Disclosure: Thompson reports that he is a senior medical consultant for Euclid Systems.
As eye surgeons, we rightly tend to focus on surgery.
However, it remains crucial to keep abreast of developments in all areas of ophthalmology, such as B. Myopia Management, so we can provide the best care to our patients and provide advocacy, support and education in our communities.
Myopia needs your attention. While the world has its eyes on a pandemic, a silent epidemic is spreading. It is estimated that the myopia epidemic will affect half of the world’s population by 2050. Too often, myopia is thought of as a simple refractive error that can be easily corrected with glasses or contact lenses. But for some patients, myopia is a disease that causes physical changes in the structure of the eye, which can increase the risk of retinal complications, cataracts, and glaucoma. Myopia can increase the risk of myopic macular degeneration by up to 845 times, retinal detachment by 2.4 to 24 times, and primary open-angle glaucoma by 2 to 2.5 times. In addition, even low levels of myopia are associated with an increased risk of developing posterior subscapular cataracts.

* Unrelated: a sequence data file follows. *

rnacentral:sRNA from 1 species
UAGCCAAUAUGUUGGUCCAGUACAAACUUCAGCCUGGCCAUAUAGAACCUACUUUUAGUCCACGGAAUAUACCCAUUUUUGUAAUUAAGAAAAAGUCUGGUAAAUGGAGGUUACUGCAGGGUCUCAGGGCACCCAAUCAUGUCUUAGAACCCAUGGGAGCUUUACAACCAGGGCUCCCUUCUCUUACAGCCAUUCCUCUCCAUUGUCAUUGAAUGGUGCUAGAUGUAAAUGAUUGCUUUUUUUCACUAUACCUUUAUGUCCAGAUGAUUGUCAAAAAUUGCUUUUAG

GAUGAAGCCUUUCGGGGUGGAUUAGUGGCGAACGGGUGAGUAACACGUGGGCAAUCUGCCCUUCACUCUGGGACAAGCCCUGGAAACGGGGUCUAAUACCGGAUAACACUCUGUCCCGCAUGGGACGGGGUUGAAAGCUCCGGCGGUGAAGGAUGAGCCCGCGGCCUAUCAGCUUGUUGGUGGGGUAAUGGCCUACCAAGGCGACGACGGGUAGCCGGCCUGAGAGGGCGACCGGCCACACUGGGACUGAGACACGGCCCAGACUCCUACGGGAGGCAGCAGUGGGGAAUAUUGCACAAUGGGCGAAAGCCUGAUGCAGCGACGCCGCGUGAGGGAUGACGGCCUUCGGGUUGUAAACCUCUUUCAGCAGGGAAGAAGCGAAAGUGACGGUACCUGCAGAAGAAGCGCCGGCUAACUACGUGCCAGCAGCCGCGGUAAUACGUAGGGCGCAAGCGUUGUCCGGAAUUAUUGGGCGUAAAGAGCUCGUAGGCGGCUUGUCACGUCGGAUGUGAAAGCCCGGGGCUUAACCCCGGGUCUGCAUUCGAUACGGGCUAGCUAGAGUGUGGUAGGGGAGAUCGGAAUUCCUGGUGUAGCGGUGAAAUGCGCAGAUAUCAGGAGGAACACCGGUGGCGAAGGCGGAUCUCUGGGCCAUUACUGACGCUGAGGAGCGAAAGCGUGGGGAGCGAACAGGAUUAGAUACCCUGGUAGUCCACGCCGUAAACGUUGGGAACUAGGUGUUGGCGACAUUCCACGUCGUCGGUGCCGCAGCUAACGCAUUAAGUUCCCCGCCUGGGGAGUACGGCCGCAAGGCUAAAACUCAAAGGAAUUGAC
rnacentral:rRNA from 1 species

Today, there are numerous safe and effective options to slow the progression of myopia, including orthokeratology (ortho-K) contact lenses, various types of soft multifocal contact lenses, eyeglasses, and topical pharmaceutical agents such as atropine. While I don’t fit contact lenses or prescribe medication to slow the progression of myopia, I keep myself up to date with all developments in this area so that I can better support my patients with myopia – who in many cases are the parents or potential parents of children with myopia are – can advise myopia – and refer them to ophthalmologists who specialize in myopia management. I encourage all my eye surgeons to look for signs of axial elongation and ask questions about eye rubbing and pillow diving so that at-risk patients can be referred as early as possible to reduce the likelihood of developing anterior and/or posterior chamber vision problems later Life.